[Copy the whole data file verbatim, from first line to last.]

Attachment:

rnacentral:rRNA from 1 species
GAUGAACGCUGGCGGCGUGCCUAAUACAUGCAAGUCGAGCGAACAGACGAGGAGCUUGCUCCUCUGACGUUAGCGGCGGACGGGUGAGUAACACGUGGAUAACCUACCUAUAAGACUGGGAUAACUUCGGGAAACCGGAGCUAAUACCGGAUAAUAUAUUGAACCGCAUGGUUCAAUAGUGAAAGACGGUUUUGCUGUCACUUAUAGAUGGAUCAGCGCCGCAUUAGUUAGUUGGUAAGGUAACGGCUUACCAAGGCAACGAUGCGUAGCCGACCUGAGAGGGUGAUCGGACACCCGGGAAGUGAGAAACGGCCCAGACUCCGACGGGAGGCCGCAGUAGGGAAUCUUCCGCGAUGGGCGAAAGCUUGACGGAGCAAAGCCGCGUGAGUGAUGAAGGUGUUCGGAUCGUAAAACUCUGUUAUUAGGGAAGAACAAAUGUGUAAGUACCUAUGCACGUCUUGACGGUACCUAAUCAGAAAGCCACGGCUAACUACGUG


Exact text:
rnacentral:rRNA from 1 species
GAUGAACGCUGGCGGCGUGCCUAAUACAUGCAAGUCGAGCGAACAGACGAGGAGCUUGCUCCUCUGACGUUAGCGGCGGACGGGUGAGUAACACGUGGAUAACCUACCUAUAAGACUGGGAUAACUUCGGGAAACCGGAGCUAAUACCGGAUAAUAUAUUGAACCGCAUGGUUCAAUAGUGAAAGACGGUUUUGCUGUCACUUAUAGAUGGAUCAGCGCCGCAUUAGUUAGUUGGUAAGGUAACGGCUUACCAAGGCAACGAUGCGUAGCCGACCUGAGAGGGUGAUCGGACACCCGGGAAGUGAGAAACGGCCCAGACUCCGACGGGAGGCCGCAGUAGGGAAUCUUCCGCGAUGGGCGAAAGCUUGACGGAGCAAAGCCGCGUGAGUGAUGAAGGUGUUCGGAUCGUAAAACUCUGUUAUUAGGGAAGAACAAAUGUGUAAGUACCUAUGCACGUCUUGACGGUACCUAAUCAGAAAGCCACGGCUAACUACGUG